The world of wireless audio has a new contender, the Poco Pods true wireless earphones. Priced at just Rs. 1,199, they offer a basic, affordable audio experience in a market flooded with high-end options.
Cutting Through the Noise: Poco Pods
These earphones sport a generic look, with light, durable earpieces and a stem design that offers a proper in-canal fit.
A standout feature of these earphones is the touch-sensitive controls. Double-tap to play, pause, or answer calls; triple-tap to skip ahead (unfortunately, you can’t skip back). Long press both earpieces to turn on or off the low-latency mode. A little tap here, a little press there, nothing complicated, just straight to the point.
The charging case has a small indicator light and a USB Type-C port. These include environmental noise cancellation but, interestingly, no charging cable in the box. So what’s the verdict on the Poco Pods’ design and features? Simple, but effective.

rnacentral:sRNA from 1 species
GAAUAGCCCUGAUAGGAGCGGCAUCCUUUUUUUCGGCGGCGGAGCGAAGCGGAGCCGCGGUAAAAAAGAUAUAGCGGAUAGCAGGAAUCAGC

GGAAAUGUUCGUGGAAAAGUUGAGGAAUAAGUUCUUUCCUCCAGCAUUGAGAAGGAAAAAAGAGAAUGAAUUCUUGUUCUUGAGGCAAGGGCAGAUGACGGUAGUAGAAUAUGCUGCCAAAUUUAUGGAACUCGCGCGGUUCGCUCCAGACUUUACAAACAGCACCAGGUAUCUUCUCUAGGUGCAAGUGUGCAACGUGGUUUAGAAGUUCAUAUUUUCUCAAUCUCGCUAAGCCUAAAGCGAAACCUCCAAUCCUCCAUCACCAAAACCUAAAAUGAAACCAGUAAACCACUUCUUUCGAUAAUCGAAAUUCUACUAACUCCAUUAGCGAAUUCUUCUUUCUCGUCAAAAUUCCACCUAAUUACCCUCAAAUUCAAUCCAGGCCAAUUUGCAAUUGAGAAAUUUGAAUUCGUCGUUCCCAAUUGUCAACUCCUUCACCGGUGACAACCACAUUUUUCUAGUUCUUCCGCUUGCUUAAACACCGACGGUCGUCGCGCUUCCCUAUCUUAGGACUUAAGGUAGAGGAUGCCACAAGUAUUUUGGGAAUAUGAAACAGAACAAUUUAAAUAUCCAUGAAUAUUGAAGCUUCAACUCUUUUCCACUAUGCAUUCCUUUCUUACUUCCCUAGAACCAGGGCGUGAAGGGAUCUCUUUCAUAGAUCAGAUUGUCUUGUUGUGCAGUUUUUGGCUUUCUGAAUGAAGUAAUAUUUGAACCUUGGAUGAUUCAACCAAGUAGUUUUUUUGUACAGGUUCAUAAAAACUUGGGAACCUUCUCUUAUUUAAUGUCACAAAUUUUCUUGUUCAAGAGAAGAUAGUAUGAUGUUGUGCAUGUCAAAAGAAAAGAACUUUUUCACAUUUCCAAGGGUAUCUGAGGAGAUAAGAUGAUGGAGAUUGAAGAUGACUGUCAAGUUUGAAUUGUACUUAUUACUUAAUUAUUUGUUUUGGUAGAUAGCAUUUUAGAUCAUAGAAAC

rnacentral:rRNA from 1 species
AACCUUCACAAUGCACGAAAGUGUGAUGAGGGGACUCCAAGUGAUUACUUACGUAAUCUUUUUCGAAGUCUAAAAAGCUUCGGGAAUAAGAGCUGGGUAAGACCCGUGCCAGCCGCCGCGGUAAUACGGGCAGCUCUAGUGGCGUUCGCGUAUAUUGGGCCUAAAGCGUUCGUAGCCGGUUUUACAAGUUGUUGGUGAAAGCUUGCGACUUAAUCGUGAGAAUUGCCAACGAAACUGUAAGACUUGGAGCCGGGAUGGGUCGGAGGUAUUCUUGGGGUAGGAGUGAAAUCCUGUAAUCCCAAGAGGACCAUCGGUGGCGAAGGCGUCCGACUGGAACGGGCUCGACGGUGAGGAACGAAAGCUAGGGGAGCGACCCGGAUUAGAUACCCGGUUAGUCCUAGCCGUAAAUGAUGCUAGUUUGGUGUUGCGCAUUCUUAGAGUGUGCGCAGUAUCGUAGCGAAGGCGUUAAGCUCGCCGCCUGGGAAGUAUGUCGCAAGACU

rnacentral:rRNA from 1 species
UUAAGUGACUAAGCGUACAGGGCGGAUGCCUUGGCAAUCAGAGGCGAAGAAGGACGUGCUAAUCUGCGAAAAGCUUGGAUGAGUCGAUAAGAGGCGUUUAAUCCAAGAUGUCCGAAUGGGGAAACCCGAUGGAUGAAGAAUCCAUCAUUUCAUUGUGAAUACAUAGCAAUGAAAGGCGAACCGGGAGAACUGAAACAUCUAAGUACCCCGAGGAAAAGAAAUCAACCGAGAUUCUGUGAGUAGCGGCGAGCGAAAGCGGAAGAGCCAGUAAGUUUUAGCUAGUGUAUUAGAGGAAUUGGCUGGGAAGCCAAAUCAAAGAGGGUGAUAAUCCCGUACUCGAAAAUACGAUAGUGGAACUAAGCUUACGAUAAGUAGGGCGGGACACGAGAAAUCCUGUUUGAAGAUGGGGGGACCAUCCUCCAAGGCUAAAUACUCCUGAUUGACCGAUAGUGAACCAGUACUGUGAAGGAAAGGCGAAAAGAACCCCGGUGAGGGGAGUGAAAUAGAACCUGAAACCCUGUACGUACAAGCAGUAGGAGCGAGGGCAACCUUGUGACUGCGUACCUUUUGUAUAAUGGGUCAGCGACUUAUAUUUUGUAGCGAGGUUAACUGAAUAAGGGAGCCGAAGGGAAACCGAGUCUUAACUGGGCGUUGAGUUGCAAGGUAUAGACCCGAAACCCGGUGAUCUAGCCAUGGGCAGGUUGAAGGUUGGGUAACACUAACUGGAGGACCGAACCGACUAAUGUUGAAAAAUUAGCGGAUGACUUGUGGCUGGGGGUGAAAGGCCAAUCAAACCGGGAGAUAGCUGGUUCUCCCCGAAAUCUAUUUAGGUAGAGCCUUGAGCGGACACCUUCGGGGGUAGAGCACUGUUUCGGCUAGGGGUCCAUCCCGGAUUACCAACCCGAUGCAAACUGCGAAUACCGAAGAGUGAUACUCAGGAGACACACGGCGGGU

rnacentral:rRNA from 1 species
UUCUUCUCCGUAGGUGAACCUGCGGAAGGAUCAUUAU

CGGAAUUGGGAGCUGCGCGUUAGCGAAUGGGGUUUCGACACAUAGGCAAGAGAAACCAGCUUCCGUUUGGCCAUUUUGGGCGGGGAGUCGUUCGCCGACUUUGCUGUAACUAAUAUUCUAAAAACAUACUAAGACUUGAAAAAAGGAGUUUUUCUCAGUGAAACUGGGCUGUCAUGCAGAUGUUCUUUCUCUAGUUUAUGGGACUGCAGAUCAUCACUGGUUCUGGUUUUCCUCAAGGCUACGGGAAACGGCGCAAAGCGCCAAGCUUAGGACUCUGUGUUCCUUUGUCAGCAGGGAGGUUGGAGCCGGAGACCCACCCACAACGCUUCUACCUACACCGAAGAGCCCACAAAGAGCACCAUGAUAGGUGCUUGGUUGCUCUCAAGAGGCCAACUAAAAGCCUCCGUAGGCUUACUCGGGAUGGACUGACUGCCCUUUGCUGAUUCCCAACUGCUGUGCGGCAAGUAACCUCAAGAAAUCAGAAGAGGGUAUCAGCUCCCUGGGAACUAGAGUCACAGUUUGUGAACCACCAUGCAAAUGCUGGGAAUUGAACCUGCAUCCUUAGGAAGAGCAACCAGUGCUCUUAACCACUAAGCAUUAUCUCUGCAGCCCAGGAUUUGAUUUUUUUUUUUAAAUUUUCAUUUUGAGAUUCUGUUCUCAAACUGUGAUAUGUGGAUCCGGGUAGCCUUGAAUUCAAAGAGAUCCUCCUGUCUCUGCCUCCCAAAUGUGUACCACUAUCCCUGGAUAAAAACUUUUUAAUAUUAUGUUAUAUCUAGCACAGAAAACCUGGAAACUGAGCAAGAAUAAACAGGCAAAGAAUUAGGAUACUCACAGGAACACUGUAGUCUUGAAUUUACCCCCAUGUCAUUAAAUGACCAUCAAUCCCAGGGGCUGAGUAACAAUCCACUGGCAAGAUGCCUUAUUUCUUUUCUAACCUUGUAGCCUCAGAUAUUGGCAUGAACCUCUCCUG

Under the hood, Poco Pods host 12 mm dynamic drivers with Bluetooth 5.3 connectivity. Disappointingly, they only support the SBC Bluetooth codec, a spec we’d hoped to be better at this price point.
On the plus side, using the earpieces individually is hassle-free, ensuring secure connectivity regardless of whether one is in operation or safely tucked away in the charging case.
The Poco Pods’ straightforward true wireless function hardly disappoints, but the sound quality leaves room for some improvement. Track tests reveal a slight muffling under heavy attack and an emphasis on bass frequencies.
Call quality is decent indoors, while outdoor performance takes a hit despite the presence of ENC. Low-latency mode doesn’t alter much on basic mobile games either.
With the earpieces yielding about five hours on a single charge and over three additional charges provided by the case, you are looking at 22-23 hours of total runtime.
The Poco Pods provide everything that you would expect from a headset at this price. Basic, but stable. Not detailed, but engaging. Passable noise isolation and decent battery life. Poco’s opening salvo into the wireless audio market is commendable, but the lack of AAC Bluetooth codec support is a glaring omission.